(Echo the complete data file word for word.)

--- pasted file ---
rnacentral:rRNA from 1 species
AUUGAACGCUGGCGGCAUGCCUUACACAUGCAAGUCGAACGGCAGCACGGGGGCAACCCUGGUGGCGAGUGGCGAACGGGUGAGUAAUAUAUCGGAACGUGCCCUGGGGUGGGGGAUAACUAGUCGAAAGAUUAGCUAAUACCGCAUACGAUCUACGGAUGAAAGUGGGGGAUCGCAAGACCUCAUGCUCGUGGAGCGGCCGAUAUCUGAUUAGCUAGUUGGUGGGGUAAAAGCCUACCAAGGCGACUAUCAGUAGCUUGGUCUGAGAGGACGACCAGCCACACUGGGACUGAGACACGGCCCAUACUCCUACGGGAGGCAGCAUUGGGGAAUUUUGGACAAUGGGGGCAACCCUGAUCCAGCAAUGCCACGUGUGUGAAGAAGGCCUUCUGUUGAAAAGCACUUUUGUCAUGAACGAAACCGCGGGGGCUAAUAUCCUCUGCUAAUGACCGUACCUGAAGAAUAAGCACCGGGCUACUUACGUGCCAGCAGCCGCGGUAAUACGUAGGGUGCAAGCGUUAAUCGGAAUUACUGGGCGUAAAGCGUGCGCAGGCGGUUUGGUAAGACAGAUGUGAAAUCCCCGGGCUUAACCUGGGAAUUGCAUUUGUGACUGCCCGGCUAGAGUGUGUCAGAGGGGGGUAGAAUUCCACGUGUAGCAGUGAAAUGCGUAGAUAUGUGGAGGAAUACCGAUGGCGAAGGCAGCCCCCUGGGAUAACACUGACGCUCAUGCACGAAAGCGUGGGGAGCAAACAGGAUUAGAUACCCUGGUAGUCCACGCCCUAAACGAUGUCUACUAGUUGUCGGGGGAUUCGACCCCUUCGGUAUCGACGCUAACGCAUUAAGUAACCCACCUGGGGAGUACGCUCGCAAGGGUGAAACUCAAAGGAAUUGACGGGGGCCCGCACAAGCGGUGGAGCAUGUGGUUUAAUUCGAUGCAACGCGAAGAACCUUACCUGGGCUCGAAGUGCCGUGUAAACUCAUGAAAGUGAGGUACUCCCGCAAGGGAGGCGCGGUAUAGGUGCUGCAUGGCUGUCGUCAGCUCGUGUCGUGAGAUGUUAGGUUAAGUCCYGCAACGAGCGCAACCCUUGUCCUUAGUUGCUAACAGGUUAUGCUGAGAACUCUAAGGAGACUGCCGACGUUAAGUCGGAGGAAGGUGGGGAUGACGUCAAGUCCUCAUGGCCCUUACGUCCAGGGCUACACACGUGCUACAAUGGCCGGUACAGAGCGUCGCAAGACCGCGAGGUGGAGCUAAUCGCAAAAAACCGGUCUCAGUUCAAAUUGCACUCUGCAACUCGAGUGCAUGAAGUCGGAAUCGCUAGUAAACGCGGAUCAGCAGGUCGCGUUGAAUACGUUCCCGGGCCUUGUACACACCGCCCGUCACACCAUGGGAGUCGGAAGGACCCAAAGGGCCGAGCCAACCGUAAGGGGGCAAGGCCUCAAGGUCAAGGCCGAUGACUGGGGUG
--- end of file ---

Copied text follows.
rnacentral:rRNA from 1 species
AUUGAACGCUGGCGGCAUGCCUUACACAUGCAAGUCGAACGGCAGCACGGGGGCAACCCUGGUGGCGAGUGGCGAACGGGUGAGUAAUAUAUCGGAACGUGCCCUGGGGUGGGGGAUAACUAGUCGAAAGAUUAGCUAAUACCGCAUACGAUCUACGGAUGAAAGUGGGGGAUCGCAAGACCUCAUGCUCGUGGAGCGGCCGAUAUCUGAUUAGCUAGUUGGUGGGGUAAAAGCCUACCAAGGCGACUAUCAGUAGCUUGGUCUGAGAGGACGACCAGCCACACUGGGACUGAGACACGGCCCAUACUCCUACGGGAGGCAGCAUUGGGGAAUUUUGGACAAUGGGGGCAACCCUGAUCCAGCAAUGCCACGUGUGUGAAGAAGGCCUUCUGUUGAAAAGCACUUUUGUCAUGAACGAAACCGCGGGGGCUAAUAUCCUCUGCUAAUGACCGUACCUGAAGAAUAAGCACCGGGCUACUUACGUGCCAGCAGCCGCGGUAAUACGUAGGGUGCAAGCGUUAAUCGGAAUUACUGGGCGUAAAGCGUGCGCAGGCGGUUUGGUAAGACAGAUGUGAAAUCCCCGGGCUUAACCUGGGAAUUGCAUUUGUGACUGCCCGGCUAGAGUGUGUCAGAGGGGGGUAGAAUUCCACGUGUAGCAGUGAAAUGCGUAGAUAUGUGGAGGAAUACCGAUGGCGAAGGCAGCCCCCUGGGAUAACACUGACGCUCAUGCACGAAAGCGUGGGGAGCAAACAGGAUUAGAUACCCUGGUAGUCCACGCCCUAAACGAUGUCUACUAGUUGUCGGGGGAUUCGACCCCUUCGGUAUCGACGCUAACGCAUUAAGUAACCCACCUGGGGAGUACGCUCGCAAGGGUGAAACUCAAAGGAAUUGACGGGGGCCCGCACAAGCGGUGGAGCAUGUGGUUUAAUUCGAUGCAACGCGAAGAACCUUACCUGGGCUCGAAGUGCCGUGUAAACUCAUGAAAGUGAGGUACUCCCGCAAGGGAGGCGCGGUAUAGGUGCUGCAUGGCUGUCGUCAGCUCGUGUCGUGAGAUGUUAGGUUAAGUCCYGCAACGAGCGCAACCCUUGUCCUUAGUUGCUAACAGGUUAUGCUGAGAACUCUAAGGAGACUGCCGACGUUAAGUCGGAGGAAGGUGGGGAUGACGUCAAGUCCUCAUGGCCCUUACGUCCAGGGCUACACACGUGCUACAAUGGCCGGUACAGAGCGUCGCAAGACCGCGAGGUGGAGCUAAUCGCAAAAAACCGGUCUCAGUUCAAAUUGCACUCUGCAACUCGAGUGCAUGAAGUCGGAAUCGCUAGUAAACGCGGAUCAGCAGGUCGCGUUGAAUACGUUCCCGGGCCUUGUACACACCGCCCGUCACACCAUGGGAGUCGGAAGGACCCAAAGGGCCGAGCCAACCGUAAGGGGGCAAGGCCUCAAGGUCAAGGCCGAUGACUGGGGUG